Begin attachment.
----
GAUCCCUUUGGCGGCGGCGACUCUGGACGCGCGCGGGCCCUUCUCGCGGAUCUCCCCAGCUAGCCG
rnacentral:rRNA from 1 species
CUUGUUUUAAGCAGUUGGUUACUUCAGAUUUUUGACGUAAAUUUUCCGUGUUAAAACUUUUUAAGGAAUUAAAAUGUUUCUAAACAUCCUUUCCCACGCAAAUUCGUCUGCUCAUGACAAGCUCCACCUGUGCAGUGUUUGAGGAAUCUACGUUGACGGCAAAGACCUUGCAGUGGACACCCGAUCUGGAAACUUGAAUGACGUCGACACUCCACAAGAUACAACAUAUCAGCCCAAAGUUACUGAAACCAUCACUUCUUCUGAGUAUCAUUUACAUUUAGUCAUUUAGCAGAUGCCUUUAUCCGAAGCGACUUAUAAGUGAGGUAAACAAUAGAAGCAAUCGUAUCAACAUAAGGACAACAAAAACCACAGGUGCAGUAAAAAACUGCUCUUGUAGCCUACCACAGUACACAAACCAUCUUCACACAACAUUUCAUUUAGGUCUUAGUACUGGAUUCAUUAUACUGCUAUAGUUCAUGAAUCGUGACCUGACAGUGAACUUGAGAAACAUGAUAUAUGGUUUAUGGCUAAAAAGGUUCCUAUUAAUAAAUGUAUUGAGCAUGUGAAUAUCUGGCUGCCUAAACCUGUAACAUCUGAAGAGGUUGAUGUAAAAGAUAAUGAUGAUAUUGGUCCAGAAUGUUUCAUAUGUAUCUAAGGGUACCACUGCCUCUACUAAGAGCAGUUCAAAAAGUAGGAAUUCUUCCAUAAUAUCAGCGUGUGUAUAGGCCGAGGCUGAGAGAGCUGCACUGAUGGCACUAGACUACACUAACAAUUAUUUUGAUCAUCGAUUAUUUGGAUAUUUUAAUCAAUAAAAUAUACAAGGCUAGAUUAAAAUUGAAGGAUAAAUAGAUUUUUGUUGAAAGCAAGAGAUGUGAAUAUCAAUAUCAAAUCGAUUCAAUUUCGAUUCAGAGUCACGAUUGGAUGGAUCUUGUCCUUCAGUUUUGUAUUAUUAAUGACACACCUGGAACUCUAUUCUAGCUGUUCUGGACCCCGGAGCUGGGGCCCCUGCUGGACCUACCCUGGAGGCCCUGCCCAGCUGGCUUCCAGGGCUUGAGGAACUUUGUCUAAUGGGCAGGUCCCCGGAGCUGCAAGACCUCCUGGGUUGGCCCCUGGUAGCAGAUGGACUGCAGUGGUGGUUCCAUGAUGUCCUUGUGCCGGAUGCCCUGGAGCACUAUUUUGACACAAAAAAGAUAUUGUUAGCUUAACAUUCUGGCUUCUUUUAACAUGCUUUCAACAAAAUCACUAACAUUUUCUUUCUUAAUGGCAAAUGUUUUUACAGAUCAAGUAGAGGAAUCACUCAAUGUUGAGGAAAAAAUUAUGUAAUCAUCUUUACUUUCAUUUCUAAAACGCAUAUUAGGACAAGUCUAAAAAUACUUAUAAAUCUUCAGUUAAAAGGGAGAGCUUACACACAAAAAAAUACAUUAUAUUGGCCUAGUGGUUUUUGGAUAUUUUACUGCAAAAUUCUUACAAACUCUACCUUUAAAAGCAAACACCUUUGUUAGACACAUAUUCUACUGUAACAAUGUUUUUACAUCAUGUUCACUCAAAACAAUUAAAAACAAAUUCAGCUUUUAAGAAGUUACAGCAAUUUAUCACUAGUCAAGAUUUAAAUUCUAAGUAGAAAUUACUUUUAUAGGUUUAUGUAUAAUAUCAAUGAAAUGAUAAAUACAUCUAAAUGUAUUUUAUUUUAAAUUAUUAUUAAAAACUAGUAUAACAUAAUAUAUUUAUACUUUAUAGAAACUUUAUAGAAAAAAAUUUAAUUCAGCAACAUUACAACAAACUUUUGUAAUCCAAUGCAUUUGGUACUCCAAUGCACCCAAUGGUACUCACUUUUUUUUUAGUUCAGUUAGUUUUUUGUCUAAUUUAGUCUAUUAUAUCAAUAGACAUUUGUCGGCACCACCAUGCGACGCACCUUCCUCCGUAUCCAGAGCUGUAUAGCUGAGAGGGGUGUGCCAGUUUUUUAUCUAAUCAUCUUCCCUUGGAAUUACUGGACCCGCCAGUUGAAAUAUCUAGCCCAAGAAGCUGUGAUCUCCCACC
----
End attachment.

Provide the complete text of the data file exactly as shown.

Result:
GAUCCCUUUGGCGGCGGCGACUCUGGACGCGCGCGGGCCCUUCUCGCGGAUCUCCCCAGCUAGCCG
rnacentral:rRNA from 1 species
CUUGUUUUAAGCAGUUGGUUACUUCAGAUUUUUGACGUAAAUUUUCCGUGUUAAAACUUUUUAAGGAAUUAAAAUGUUUCUAAACAUCCUUUCCCACGCAAAUUCGUCUGCUCAUGACAAGCUCCACCUGUGCAGUGUUUGAGGAAUCUACGUUGACGGCAAAGACCUUGCAGUGGACACCCGAUCUGGAAACUUGAAUGACGUCGACACUCCACAAGAUACAACAUAUCAGCCCAAAGUUACUGAAACCAUCACUUCUUCUGAGUAUCAUUUACAUUUAGUCAUUUAGCAGAUGCCUUUAUCCGAAGCGACUUAUAAGUGAGGUAAACAAUAGAAGCAAUCGUAUCAACAUAAGGACAACAAAAACCACAGGUGCAGUAAAAAACUGCUCUUGUAGCCUACCACAGUACACAAACCAUCUUCACACAACAUUUCAUUUAGGUCUUAGUACUGGAUUCAUUAUACUGCUAUAGUUCAUGAAUCGUGACCUGACAGUGAACUUGAGAAACAUGAUAUAUGGUUUAUGGCUAAAAAGGUUCCUAUUAAUAAAUGUAUUGAGCAUGUGAAUAUCUGGCUGCCUAAACCUGUAACAUCUGAAGAGGUUGAUGUAAAAGAUAAUGAUGAUAUUGGUCCAGAAUGUUUCAUAUGUAUCUAAGGGUACCACUGCCUCUACUAAGAGCAGUUCAAAAAGUAGGAAUUCUUCCAUAAUAUCAGCGUGUGUAUAGGCCGAGGCUGAGAGAGCUGCACUGAUGGCACUAGACUACACUAACAAUUAUUUUGAUCAUCGAUUAUUUGGAUAUUUUAAUCAAUAAAAUAUACAAGGCUAGAUUAAAAUUGAAGGAUAAAUAGAUUUUUGUUGAAAGCAAGAGAUGUGAAUAUCAAUAUCAAAUCGAUUCAAUUUCGAUUCAGAGUCACGAUUGGAUGGAUCUUGUCCUUCAGUUUUGUAUUAUUAAUGACACACCUGGAACUCUAUUCUAGCUGUUCUGGACCCCGGAGCUGGGGCCCCUGCUGGACCUACCCUGGAGGCCCUGCCCAGCUGGCUUCCAGGGCUUGAGGAACUUUGUCUAAUGGGCAGGUCCCCGGAGCUGCAAGACCUCCUGGGUUGGCCCCUGGUAGCAGAUGGACUGCAGUGGUGGUUCCAUGAUGUCCUUGUGCCGGAUGCCCUGGAGCACUAUUUUGACACAAAAAAGAUAUUGUUAGCUUAACAUUCUGGCUUCUUUUAACAUGCUUUCAACAAAAUCACUAACAUUUUCUUUCUUAAUGGCAAAUGUUUUUACAGAUCAAGUAGAGGAAUCACUCAAUGUUGAGGAAAAAAUUAUGUAAUCAUCUUUACUUUCAUUUCUAAAACGCAUAUUAGGACAAGUCUAAAAAUACUUAUAAAUCUUCAGUUAAAAGGGAGAGCUUACACACAAAAAAAUACAUUAUAUUGGCCUAGUGGUUUUUGGAUAUUUUACUGCAAAAUUCUUACAAACUCUACCUUUAAAAGCAAACACCUUUGUUAGACACAUAUUCUACUGUAACAAUGUUUUUACAUCAUGUUCACUCAAAACAAUUAAAAACAAAUUCAGCUUUUAAGAAGUUACAGCAAUUUAUCACUAGUCAAGAUUUAAAUUCUAAGUAGAAAUUACUUUUAUAGGUUUAUGUAUAAUAUCAAUGAAAUGAUAAAUACAUCUAAAUGUAUUUUAUUUUAAAUUAUUAUUAAAAACUAGUAUAACAUAAUAUAUUUAUACUUUAUAGAAACUUUAUAGAAAAAAAUUUAAUUCAGCAACAUUACAACAAACUUUUGUAAUCCAAUGCAUUUGGUACUCCAAUGCACCCAAUGGUACUCACUUUUUUUUUAGUUCAGUUAGUUUUUUGUCUAAUUUAGUCUAUUAUAUCAAUAGACAUUUGUCGGCACCACCAUGCGACGCACCUUCCUCCGUAUCCAGAGCUGUAUAGCUGAGAGGGGUGUGCCAGUUUUUUAUCUAAUCAUCUUCCCUUGGAAUUACUGGACCCGCCAGUUGAAAUAUCUAGCCCAAGAAGCUGUGAUCUCCCACC